Will the Reddit IPO Be the Mother of All Short Squeezes?


  • The Reddit initial public offering (IPO) is expected to drop this year.
  • But some retail investors aren’t happy and are plotting against it.
  • The case for a short squeeze when the stock debuts is gaining traction.
Reddit IPO - Will the Reddit IPO Be the Mother of All Short Squeezes?

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For the past two weeks, investors have been waiting for what promises to be the year’s biggest initial public offering (IPO). On Feb. 22, 2024, the popular social media forum Reddit filed a prospectus with the U.S. Securities and Exchange Commission (SEC) seeking to go public. This caught the attention of both institutional and retail investors for good reason. It promises to be by far the highest-profile trading debut so far this year. However, not everyone is excited about the Reddit IPO. In fact, the same crowd known for betting on struggling companies to spite Wall Street is threatening to short the newly minted RDDT stock. This is a sharp deviation from their typical investing strategy.

Does this mean that the Reddit IPO is doomed to fail before it even launches? Not necessarily. But this interesting turn of events is worth a closer look. It shows that the r/WallStreetBets crowd may finally be switching gears.

Is the Reddit IPO Short Squeeze Coming?

If you think it’s out of character for retail investors to bet against the Reddit IPO, you’re right. During the GameStop (NYSE:GME) short squeeze of 2021, the r/WallStreetBets crowd rejoiced at the notion of being able to harm short sellers. Since then, they haven’t been shy about levying criticisms against the hedge funds that bet against struggling stocks. But now, the heroes that no one asked for seem to be turning into the enemy they fought so hard to destroy. As Bloomberg reports:

“In the days after the social-media company filed for an IPO, thousands of members of the WallStreetBets forum — which boasts around 15 million users and helped popularize meme stocks like GameStop Corp. — voted to boost a forum post about shorting the company, a sharp reversal of their typically bullish ways. Their avowed reasons varied from the company’s lack of profitability to competitive concerns, and mostly centered on spite.”

It makes sense that spite would play a key role in the bearish case against Reddit being made by retail investors. After all, these are the same people who have made substantial bets on risky companies. This list includes struggling theater chain AMC Entertainment (NYSE:AMC) and unstable penny stock Meta Materials (NASDAQ:MMAT).

Retail traders have refused to sell, no matter how much shares tank, if it means the possibility of hurting Wall Street. When their meme stock investments fail as they often do, these investors have been quick to hurl unsubstantiated accusations of “naked shorting” at institutional investors. As InvestorPlace‘s Eddie Pan reports, meme stock trading is often an effective way to lose money. But these investors may finally be tired of losing.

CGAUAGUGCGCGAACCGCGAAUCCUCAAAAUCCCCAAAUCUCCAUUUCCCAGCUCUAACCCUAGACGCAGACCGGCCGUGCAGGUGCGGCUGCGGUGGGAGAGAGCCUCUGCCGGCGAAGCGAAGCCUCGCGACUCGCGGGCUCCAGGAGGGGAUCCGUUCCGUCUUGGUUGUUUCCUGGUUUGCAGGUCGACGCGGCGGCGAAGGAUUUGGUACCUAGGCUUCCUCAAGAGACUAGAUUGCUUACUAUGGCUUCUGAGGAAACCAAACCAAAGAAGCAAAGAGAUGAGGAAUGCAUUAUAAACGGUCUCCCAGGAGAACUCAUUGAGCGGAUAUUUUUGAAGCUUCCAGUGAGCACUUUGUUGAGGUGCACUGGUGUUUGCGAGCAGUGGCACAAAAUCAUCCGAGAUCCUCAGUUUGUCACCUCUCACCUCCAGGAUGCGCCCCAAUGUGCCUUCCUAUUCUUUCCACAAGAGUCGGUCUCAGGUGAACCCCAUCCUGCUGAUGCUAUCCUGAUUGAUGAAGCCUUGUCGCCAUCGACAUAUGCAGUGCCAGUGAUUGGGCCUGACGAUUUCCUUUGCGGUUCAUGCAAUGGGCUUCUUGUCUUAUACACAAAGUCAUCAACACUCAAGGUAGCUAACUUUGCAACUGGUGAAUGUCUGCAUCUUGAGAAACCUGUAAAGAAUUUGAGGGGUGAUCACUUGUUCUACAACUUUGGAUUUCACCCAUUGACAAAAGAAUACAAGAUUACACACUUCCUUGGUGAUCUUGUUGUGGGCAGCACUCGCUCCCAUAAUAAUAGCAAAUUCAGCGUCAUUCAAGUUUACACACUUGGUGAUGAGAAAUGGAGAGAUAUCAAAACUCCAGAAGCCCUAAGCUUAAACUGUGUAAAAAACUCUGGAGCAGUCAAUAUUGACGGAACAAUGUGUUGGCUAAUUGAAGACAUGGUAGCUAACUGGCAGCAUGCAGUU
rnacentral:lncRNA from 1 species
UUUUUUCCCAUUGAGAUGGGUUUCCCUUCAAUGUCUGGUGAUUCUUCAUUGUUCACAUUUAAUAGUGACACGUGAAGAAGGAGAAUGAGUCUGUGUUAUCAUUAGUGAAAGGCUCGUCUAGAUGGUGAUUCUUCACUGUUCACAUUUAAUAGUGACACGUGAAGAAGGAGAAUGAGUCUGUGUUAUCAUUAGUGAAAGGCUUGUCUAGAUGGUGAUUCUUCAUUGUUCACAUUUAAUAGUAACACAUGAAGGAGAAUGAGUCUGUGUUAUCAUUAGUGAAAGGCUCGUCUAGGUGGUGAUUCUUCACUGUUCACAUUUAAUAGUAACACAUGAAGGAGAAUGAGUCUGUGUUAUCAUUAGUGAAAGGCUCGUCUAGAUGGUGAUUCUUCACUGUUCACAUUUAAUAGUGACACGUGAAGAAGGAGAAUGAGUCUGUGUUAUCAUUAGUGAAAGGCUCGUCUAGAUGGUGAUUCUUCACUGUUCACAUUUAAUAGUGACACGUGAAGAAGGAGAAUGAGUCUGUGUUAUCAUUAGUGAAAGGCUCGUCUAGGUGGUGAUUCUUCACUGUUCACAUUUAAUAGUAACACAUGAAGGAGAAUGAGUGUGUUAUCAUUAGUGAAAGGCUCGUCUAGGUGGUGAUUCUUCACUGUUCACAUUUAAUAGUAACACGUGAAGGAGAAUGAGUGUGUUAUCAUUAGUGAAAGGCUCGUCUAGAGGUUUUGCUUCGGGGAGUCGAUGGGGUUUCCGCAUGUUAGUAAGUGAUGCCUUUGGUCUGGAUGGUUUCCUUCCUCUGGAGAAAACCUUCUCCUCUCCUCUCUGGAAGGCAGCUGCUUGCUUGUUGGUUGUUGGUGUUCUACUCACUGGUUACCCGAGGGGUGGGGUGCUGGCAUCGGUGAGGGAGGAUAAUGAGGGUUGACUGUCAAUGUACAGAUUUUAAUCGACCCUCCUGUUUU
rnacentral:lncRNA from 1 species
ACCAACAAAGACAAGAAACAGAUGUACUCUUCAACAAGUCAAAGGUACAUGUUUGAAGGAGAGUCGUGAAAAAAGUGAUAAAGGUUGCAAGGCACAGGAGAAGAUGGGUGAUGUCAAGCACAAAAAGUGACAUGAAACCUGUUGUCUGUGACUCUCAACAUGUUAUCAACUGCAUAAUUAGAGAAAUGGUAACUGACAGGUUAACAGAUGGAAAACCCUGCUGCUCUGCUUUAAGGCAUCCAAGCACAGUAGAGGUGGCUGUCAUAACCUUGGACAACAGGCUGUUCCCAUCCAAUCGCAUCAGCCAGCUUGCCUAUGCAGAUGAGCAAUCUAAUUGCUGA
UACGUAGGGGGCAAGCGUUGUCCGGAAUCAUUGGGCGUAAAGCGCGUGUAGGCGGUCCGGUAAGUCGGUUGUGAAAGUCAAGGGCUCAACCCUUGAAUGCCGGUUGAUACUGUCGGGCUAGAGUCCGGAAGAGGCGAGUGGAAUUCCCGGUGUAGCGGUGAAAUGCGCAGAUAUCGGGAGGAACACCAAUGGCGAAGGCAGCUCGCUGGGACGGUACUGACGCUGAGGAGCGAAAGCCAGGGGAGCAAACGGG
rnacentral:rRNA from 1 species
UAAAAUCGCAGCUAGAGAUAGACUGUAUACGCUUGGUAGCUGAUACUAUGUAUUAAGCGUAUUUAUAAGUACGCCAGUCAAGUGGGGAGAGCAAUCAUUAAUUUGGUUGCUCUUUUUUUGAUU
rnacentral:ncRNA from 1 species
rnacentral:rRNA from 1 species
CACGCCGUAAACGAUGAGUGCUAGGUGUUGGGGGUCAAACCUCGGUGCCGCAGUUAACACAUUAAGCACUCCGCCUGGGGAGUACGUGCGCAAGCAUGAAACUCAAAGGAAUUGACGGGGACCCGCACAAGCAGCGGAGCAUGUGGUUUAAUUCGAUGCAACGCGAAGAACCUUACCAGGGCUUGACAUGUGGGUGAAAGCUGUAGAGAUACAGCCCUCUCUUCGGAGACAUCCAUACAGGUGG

As noted by Bloomberg, many Reddit users have expressed concerns regarding the company’s long-term profitability. Benzinga provides a further breakdown of their reasoning. As the outlet states: “The fact that Reddit has never turned a profit raises doubts about the company’s financial sustainability.”

That sounds more like the type of perspective that you’d hear from a Wall Street analyst, not a meme stock trader. But it suggests that we may actually see a successful short squeeze take place when the Reddit IPO makes its debut.

What Comes Next

It’s clear that when it comes to the Reddit IPO, the platform’s users are highly polarized. Whether or not the squeeze takes place will likely come down to which side wins out.

If the company’s owners want to go public, they clearly aren’t overly concerned with its financial viability. But if enough users are too concerned with its questionable growth prospects, they will likely see a short play as the best way to profit. As of now, it’s impossible to say for sure how much they can squeeze it for. Investors should keep monitoring Reddit to see what the r/WallStreetBets crowd is leaning toward.

On the date of publication, Samuel O’Brient did not have (either directly or indirectly) any positions in the securities mentioned in this article. The opinions expressed in this article are those of the writer, subject to the InvestorPlace.com Publishing Guidelines.

Samuel O’Brient is a Reporter for InvestorPlace, where his work focuses primarily on financial markets, global economic trends, and public policy. O’Brient writes a weekly column on recent political news that investors should be following.

Article printed from InvestorPlace Media, https://investorplace.com/2024/03/will-the-reddit-ipo-be-the-mother-of-all-short-squeezes/.

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